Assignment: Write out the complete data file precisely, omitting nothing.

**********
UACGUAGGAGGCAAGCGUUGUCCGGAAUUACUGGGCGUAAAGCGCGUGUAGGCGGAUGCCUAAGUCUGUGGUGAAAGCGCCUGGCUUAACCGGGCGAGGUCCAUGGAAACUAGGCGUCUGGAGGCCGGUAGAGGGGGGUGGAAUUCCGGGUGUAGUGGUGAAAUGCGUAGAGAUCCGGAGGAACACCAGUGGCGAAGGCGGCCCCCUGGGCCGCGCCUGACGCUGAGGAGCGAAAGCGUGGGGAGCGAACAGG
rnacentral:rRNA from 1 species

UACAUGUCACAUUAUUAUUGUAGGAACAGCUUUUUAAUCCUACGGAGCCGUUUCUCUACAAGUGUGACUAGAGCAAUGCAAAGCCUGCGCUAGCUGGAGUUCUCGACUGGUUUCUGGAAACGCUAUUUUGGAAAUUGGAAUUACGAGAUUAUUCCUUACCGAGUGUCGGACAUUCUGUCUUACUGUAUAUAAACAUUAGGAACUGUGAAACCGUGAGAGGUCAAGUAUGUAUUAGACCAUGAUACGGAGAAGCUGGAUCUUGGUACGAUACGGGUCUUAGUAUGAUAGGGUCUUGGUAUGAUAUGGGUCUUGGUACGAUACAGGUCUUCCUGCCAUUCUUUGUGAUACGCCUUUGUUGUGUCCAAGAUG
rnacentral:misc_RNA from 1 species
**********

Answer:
UACGUAGGAGGCAAGCGUUGUCCGGAAUUACUGGGCGUAAAGCGCGUGUAGGCGGAUGCCUAAGUCUGUGGUGAAAGCGCCUGGCUUAACCGGGCGAGGUCCAUGGAAACUAGGCGUCUGGAGGCCGGUAGAGGGGGGUGGAAUUCCGGGUGUAGUGGUGAAAUGCGUAGAGAUCCGGAGGAACACCAGUGGCGAAGGCGGCCCCCUGGGCCGCGCCUGACGCUGAGGAGCGAAAGCGUGGGGAGCGAACAGG
rnacentral:rRNA from 1 species

UACAUGUCACAUUAUUAUUGUAGGAACAGCUUUUUAAUCCUACGGAGCCGUUUCUCUACAAGUGUGACUAGAGCAAUGCAAAGCCUGCGCUAGCUGGAGUUCUCGACUGGUUUCUGGAAACGCUAUUUUGGAAAUUGGAAUUACGAGAUUAUUCCUUACCGAGUGUCGGACAUUCUGUCUUACUGUAUAUAAACAUUAGGAACUGUGAAACCGUGAGAGGUCAAGUAUGUAUUAGACCAUGAUACGGAGAAGCUGGAUCUUGGUACGAUACGGGUCUUAGUAUGAUAGGGUCUUGGUAUGAUAUGGGUCUUGGUACGAUACAGGUCUUCCUGCCAUUCUUUGUGAUACGCCUUUGUUGUGUCCAAGAUG
rnacentral:misc_RNA from 1 species